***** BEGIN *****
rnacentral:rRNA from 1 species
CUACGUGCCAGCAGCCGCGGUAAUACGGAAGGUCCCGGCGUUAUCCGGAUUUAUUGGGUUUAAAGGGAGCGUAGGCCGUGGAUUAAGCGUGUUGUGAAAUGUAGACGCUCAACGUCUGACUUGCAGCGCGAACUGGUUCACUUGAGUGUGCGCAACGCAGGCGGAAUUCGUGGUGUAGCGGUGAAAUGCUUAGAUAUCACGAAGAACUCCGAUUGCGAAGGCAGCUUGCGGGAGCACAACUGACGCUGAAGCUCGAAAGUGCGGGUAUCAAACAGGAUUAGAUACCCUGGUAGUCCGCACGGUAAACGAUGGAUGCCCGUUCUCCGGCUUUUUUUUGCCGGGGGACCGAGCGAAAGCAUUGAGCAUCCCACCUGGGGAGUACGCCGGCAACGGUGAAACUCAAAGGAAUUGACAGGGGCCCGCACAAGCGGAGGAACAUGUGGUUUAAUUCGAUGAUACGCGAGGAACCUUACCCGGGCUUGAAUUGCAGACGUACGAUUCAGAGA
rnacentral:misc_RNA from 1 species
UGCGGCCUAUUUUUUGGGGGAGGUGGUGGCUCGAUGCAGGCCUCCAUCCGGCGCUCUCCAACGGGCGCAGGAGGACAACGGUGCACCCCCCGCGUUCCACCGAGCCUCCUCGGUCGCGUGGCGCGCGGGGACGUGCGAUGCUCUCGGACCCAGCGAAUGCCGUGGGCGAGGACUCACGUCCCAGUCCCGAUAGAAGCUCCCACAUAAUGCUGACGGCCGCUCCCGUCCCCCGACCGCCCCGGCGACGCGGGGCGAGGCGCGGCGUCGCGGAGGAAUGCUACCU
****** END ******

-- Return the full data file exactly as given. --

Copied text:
rnacentral:rRNA from 1 species
CUACGUGCCAGCAGCCGCGGUAAUACGGAAGGUCCCGGCGUUAUCCGGAUUUAUUGGGUUUAAAGGGAGCGUAGGCCGUGGAUUAAGCGUGUUGUGAAAUGUAGACGCUCAACGUCUGACUUGCAGCGCGAACUGGUUCACUUGAGUGUGCGCAACGCAGGCGGAAUUCGUGGUGUAGCGGUGAAAUGCUUAGAUAUCACGAAGAACUCCGAUUGCGAAGGCAGCUUGCGGGAGCACAACUGACGCUGAAGCUCGAAAGUGCGGGUAUCAAACAGGAUUAGAUACCCUGGUAGUCCGCACGGUAAACGAUGGAUGCCCGUUCUCCGGCUUUUUUUUGCCGGGGGACCGAGCGAAAGCAUUGAGCAUCCCACCUGGGGAGUACGCCGGCAACGGUGAAACUCAAAGGAAUUGACAGGGGCCCGCACAAGCGGAGGAACAUGUGGUUUAAUUCGAUGAUACGCGAGGAACCUUACCCGGGCUUGAAUUGCAGACGUACGAUUCAGAGA
rnacentral:misc_RNA from 1 species
UGCGGCCUAUUUUUUGGGGGAGGUGGUGGCUCGAUGCAGGCCUCCAUCCGGCGCUCUCCAACGGGCGCAGGAGGACAACGGUGCACCCCCCGCGUUCCACCGAGCCUCCUCGGUCGCGUGGCGCGCGGGGACGUGCGAUGCUCUCGGACCCAGCGAAUGCCGUGGGCGAGGACUCACGUCCCAGUCCCGAUAGAAGCUCCCACAUAAUGCUGACGGCCGCUCCCGUCCCCCGACCGCCCCGGCGACGCGGGGCGAGGCGCGGCGUCGCGGAGGAAUGCUACCU